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The markets climbed on Tuesday, with the broad S&P 500 rising above the 1400 threshold for the first time in three months, as traders responded favorably to hints that central banks may act to boost the global economy.
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As of 3:13 p.m. ET, the Dow Jones Industrial Average rose 64.3 points, or 0.49%, to 13182, the S&P 500 gained 8.1 points, or 0.58%, to 1402 and the Nasdaq Composite climbed 28.3 points, or 0.94%, to 3018.
The S&P 500 has tacked on more than 2% in the past three trading days, pushing the broad-market index higher by greater than 10% for the year. With the economic calendar light, traders have been paying close attention to the eurozone debt crisis.
European Central Bank Governing Council member Ardo Hansson told the Wall Street Journal that the central bank could make "substantial" purchases of sovereign debt of embattled countries. Hansson told the paper that the buying would be in conjunction with the eurozone's rescue funds, and would hinge on certain conditions that still push countries to reform. Potentially, a large-scale program to purchase government bonds could help keep borrowing costs in check.
The yield on Spain's 10-year bonds, which has been particularly closely watched, remained at 6.78% -- elevated, but below the 7% level that has prompted bailouts in the past. The cost of insuring the country's debt against a default, however, rose slightly on the day, according to financial data firm Markit.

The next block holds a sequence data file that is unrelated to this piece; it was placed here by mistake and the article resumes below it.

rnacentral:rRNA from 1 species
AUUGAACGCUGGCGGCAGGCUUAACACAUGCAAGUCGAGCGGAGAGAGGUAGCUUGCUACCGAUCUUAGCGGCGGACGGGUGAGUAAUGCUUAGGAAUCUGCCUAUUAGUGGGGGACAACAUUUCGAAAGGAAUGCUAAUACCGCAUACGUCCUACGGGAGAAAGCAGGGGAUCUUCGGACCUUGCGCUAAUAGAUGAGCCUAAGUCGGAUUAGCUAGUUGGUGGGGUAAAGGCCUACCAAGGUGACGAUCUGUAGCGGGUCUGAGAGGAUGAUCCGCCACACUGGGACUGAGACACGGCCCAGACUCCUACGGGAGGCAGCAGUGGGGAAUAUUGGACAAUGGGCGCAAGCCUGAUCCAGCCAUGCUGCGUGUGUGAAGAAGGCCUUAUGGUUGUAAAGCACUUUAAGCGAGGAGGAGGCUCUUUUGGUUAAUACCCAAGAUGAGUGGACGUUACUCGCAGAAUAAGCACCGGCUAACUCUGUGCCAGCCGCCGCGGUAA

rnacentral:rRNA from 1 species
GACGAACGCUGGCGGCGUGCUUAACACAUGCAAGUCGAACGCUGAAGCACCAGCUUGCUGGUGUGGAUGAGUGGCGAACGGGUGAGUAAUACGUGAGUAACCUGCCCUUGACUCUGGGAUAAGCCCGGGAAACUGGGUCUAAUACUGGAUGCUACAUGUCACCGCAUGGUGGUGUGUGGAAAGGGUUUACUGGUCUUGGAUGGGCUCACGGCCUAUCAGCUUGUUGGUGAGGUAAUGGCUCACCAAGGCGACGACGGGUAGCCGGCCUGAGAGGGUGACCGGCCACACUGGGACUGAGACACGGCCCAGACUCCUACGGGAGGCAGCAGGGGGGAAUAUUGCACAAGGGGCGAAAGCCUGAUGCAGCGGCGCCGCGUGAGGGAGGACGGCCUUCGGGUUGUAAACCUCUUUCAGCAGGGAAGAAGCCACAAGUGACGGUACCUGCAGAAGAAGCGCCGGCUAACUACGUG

Separately Boston Central Bank President Eric Rosengren told the Journal that the central bank needs to take much more aggressive action to boost the U.S. economy, including purchases of mortgage-backed securities and potentially Treasury securities.
"We need a pro-growth monetary policy," Rosengren, who does not currently command a vote on the Federal Open Market Committee, told the paper.
In corporate news, shares of Standard Chartered plunged more than 20% in London trading after a New York regulator accused the U.K. bank of scheming with Iran on billions of dollars of transactions and threatened to revoke its banking license.
Energy prices rallied after a fire at a Chevron (NYSE:CVX) refinery in California threatened to cut supplies on the West Coast. The benchmark contract traded in New York jumped $1.47, or 1.6%, to $93.67 a barrel. Wholesale New York Harbor gasoline zoomed higher by 2.4% to $2.991 a gallon.
In metals, gold fell $3.40, or 0.21%, to $1,613 a troy ounce.
The Euro Stoxx 50 rallied 1.7% to 2440, the English FTSE 100 jumped 0.56% to 5841 and the German DAX ticked up by 0.71% to 6968.
In Asia, the Japanese Nikkei 225 jumped 0.88% to 8803 and the Chinese Hang Seng rose 0.37% to 20073.